As the detail of the preliminary deal for international data transfers between the US and the EU emerges it is clear it is not palatable to some privacy activists, in fact Max Schrems calls it “lipstick on a pig”!

So what have we learned about this preliminary deal? Well according to the White House Fact Sheet and the EU Commission infographic it is an agreement in principle to be known as the Trans-Atlantic Data Privacy Framework (“the Framework”). The two sides have intensified negotiations to finalise the details and prepare the Executive Order for the US and the legal texts that are required for the draft adequacy decision from the European Commission. As we know from the UK’s walk along the adequacy path there are many twists and turns before a conclusion is reached. It will be a number of months after the legal texts are prepared before we may finally see a finding of adequacy for the US – and let’s not forget the inevitable challenges!

Max Schrems has already set out his stall, saying on the day the preliminary deal was announced “[a] decision can quickly be challenged with the European Court of Justice. noyb expects to be able to get any new agreement that does not meet the requirements of EU law back to the CJEU within a matter of months e.g. via civil litigation and preliminary injunctions. The CJEU may even take preliminary action, if a deal is clearly violating previous judgements.

While the ideological fracas continues, those interested in the specifics of the new deal will no doubt be asking where the breakthrough has been made? Some might argue the US commitment “to implement new safeguards to ensure that signals intelligence activities are necessary and proportionate in the pursuit of defined national security objectives” and the willingness “to create a new mechanism for EU individuals to seek redress if they believe they are unlawfully targeted by signals intelligence activities” has certainly helped.

Examples of commitments from the US include:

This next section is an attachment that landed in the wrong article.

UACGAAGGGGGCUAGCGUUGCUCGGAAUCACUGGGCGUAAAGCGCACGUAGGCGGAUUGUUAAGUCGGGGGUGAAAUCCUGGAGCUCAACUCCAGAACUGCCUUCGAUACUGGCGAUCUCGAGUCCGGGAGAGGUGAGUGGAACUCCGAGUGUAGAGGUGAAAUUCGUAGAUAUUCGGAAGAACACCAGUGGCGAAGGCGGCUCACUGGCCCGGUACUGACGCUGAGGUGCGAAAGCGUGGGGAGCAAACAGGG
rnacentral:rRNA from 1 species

“(i) Signals intelligence collection may be undertaken only where necessary to advance legitimate national security objectives, and must not disproportionately impact the protection of individual privacy and civil liberties;

(ii) EU individuals may seek redress from a new multi-layer redress mechanism that includes an independent Data Protection Review Court that would consist of individuals chosen from outside the U.S. Government who would have full authority to adjudicate claims and direct remedial measures as needed; and

(iii) U.S. intelligence agencies will adopt procedures to ensure effective oversight of new privacy and civil liberties standards.

In addition those organisations seeking to rely on the Framework will be required to abide by the Privacy Shield Principles, including the need to self-certify with the US Department of Commerce. EU data subjects will be able to resolve any complaints in a number of ways, “including through alternative dispute resolution and binding arbitration.

There is an acknowledgement that striking a deal is beneficial to both sides citizens, societies and economies – in fact the briefing values the US/EU economic relationship at $7.1 trillion. Some may say money talks! While the privacy activists say this is a political statement and without a legal text raises more questions than it gives answers. We will be following developments closely and posting updates on our data and privacy blog.